The American Cancer Society states that "available scientific evidence does not support these claims".[1] According to the National Center for Complementary and Integrative Health, studies of magnetic jewelry have not shown demonstrable effects on pain, nerve function, cell growth or blood flow.[20]

A 2008 systematic review of magnet therapy for all indications found insufficient evidence to determine whether magnet therapy is effective for pain relief,[2] as did 2012 reviews focused on osteoarthritis and rheumatoid arthritis.[21][22] These reviews found that the data was either inconclusive or did not support a significant effect of magnet therapy. They also raised concerns about allocation concealment, small sample sizes, inadequate blinding, and heterogeneity of results, some of which may have biased results.



These devices are generally considered safe in themselves, though there can be significant financial and opportunity costs to magnet therapy, especially when treatment or diagnosis are avoided or delayed.[17][2] Use is not recommended with pacemakers, insulin pumps, and other devices that may be negatively affected by magnetic fields.[2]



The worldwide magnet therapy industry totals sales of over a billion dollars per year,[10][17] including $300 million per year in the United States alone.[15]

A 2002 U.S. National Science Foundation report on public attitudes and understanding of science noted that magnet therapy is "not at all scientific."[23] A number of vendors make unsupported claims about magnet therapy by using pseudoscientific and new-age language. Such claims are unsupported by the results of scientific and clinical studies.[18]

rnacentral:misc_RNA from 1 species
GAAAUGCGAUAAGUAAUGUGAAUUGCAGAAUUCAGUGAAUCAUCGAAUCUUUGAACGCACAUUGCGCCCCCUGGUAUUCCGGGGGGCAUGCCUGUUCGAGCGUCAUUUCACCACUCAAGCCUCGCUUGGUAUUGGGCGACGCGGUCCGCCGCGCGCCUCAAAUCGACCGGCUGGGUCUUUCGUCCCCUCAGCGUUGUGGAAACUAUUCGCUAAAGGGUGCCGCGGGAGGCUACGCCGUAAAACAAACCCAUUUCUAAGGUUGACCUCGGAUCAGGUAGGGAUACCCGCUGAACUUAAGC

Marketing of any therapy as effective treatment for any condition is heavily restricted by law in many jurisdictions unless all such claims are scientifically validated. In the United States, for example, U.S. Food and Drug Administration regulations prohibit marketing any magnet therapy product using medical claims, as such claims are unfounded.[24]

See also



  1. ^ a b c d e f Russell, Jill; Rovere, Amy, eds. (2009). "Magnetic therapy". American Cancer Society Complete Guide to Complementary & Alternative Cancer Therapies (2nd ed.). Atlanta, Ga.: American Cancer Society. ISBN 978-0944235713. See archived online version "Magnetic Therapy". 1 November 2008. Archived from the original on 12 November 2012. Electromagnetic therapy is a related field. See chapter in ACS book just referenced, and archived ACS webpage on that.
  2. ^ a b c d e Pittler, Max H. (March 2008). "Static magnets for reducing pain". Focus on Alternative and Complementary Therapies. 13 (1): 5–6. doi:10.1211/fact.13.1.0003.
  3. ^ a b Park, Robert L. (2000). Voodoo Science: The Road from Foolishness to Fraud. New York, New York: Oxford University Press. pp. 58–63. ISBN 0-19-513515-6. Not only are magnetic fields of no value in healing, you might characterize these as "homeopathic" magnetic fields.
  4. ^ Wanjek, Christopher (2003). Bad Medicine: misconceptions and misuses revealed from distance healing to vitamin O. Hoboken, New Jersey: John Wiley & Sons. pp. 1–253. ISBN 0-471-43499-X.
  5. ^ National Science Foundation, Division of Resources Statistics (February 2006). Science and Engineering Indicators, 2006. Arlington, VA. Chapter 7. Archived from the original on 2015-08-18.{{cite book}}: CS1 maint: location missing publisher (link)
  6. ^ a b Stick C; Hinkelmann K; Eggert P; Wendhausen H (1991). "Do strong static magnetic fields in NMR tomography modify tissue perfusion?". Nuklearmedizin. 154 (3): 326–31. doi:10.1055/s-2008-1033141. PMID 1849304. S2CID 260289461.
  7. ^ Slotema, C. W.; Dirk Blom, J.; Hoek, H. W.; Sommer, I. E. (2010). "Should we expand the toolbox of psychiatric treatment methods to include Repetitive Transcranial Magnetic Stimulation (rTMS)? A meta-analysis of the efficacy of rTMS in psychiatric disorders". Journal of Clinical Psychiatry. 71 (7): 873–84. doi:10.4088/jcp.08m04872gre. PMID 20361902.